Now, if you normally spend this much, then cashback works like a nice little discount. But it isn’t worth it to spend more than you usually do just to earn S$20 or S$30 in cashback.

2. There’s a Limit to How Much Cashback You Can Earn

If credit cardmembers could get 5% off everything forever, banks would be out of business. So there is a limit to how much cashback you can earn each month. The cashback cap usually falls within the S$60 – S$80 range.

Because this cap is never prominently displayed in promotional materials, it’s easy to imagine a person spending over S$1,000 on a cashback card, only to discover that you’ve only saved S$80 a month.

3. The Promotional Material Can Be Misleading

Cashback credit cards are rarely as straightforward as they seem in promotional materials. With the exception of the American Express True Cashback Card and ANZ Optimum World MasterCard, which don’t require a minimum spend or impose a cashback limit, you need to follow specific spending patterns before you can earn your cashback.

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Take for example the OCBC Frank Card. Its generous 6% online shopping rebate is attractive to loyal Amazon and ASOS customers. Until you realise, somewhere in the fine print, that you need to spend S$400 offline before you can earn cashback from online shopping. (Though to be fair, the S$60 cashback cap is stated up-front.)

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Another example is the Standard Chartered Manhattan Card, which offers 3% cashback and savings up to S$800 a year – but only if you spend at least S$3,000 on the card each month. Note that Singaporeans earning S$2,500 a month are eligible to apply for this card.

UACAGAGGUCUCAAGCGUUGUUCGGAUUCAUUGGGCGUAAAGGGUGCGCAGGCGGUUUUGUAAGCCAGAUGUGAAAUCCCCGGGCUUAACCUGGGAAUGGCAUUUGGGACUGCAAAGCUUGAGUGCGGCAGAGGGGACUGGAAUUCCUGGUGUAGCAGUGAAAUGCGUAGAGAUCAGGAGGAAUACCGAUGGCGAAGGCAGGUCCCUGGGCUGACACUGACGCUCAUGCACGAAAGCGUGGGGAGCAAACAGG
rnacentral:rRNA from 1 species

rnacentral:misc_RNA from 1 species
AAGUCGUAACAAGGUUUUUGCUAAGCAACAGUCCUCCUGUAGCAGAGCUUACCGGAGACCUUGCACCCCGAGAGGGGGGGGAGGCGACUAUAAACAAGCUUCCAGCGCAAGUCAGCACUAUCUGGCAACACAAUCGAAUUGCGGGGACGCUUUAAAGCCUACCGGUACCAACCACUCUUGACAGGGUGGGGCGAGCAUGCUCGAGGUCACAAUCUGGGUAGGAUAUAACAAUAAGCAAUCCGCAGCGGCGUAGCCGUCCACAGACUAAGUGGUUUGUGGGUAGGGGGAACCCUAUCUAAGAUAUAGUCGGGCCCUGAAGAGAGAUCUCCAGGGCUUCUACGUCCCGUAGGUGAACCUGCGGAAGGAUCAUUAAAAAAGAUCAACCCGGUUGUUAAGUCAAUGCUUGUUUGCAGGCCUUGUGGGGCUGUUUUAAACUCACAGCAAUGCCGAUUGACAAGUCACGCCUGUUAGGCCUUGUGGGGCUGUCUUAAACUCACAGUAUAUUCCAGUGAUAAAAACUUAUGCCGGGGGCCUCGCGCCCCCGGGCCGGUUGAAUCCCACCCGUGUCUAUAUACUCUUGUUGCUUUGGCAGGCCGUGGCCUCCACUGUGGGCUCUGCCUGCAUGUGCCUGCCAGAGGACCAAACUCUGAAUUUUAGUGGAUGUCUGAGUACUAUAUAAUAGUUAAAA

While there are benefits to these cards beyond cashback, it can be frustrating to get a card because of the advertised cashback rate, only to realise that you have to go through hoops or overspend to earn it.

Make the Most Out of Your Credit Card by Knowing How It Works

In the same way that nobody reads iTunes’ Terms and Conditions when they click “I Agree”, so does nobody read a credit card’s fine print during the application process. But the only way to maximise your credit card’s benefits is to look past the promotional material and learn how it actually works.

That’s why we at SingSaver.com.sg make it our mission to help consumers find the right credit card. Our comparison tools show the benefits, fine print, and fees of each card, so you don’t have to go through the fine print. We also have credit card guides that examine different card features and help you use your card responsibly.

Start finding the right card with our list of the best cashback credit cards, or you can compare the different credit cards in Singapore.

Read This Next:

Money Mantra Podcast with Special Guest J.D. Power
Visa, MasterCard, or Amex: Which is Better for Travel?


Lauren Dado

By Lauren Dado
Lauren has been a content strategist and digital marketer since 2007. As SingSaver.com.sg’s Content Manager, Lauren edits and publishes personal finance stories to help Singaporeans save money. Her work has appeared in publications like Her World, Asia One, and Women’s Weekly.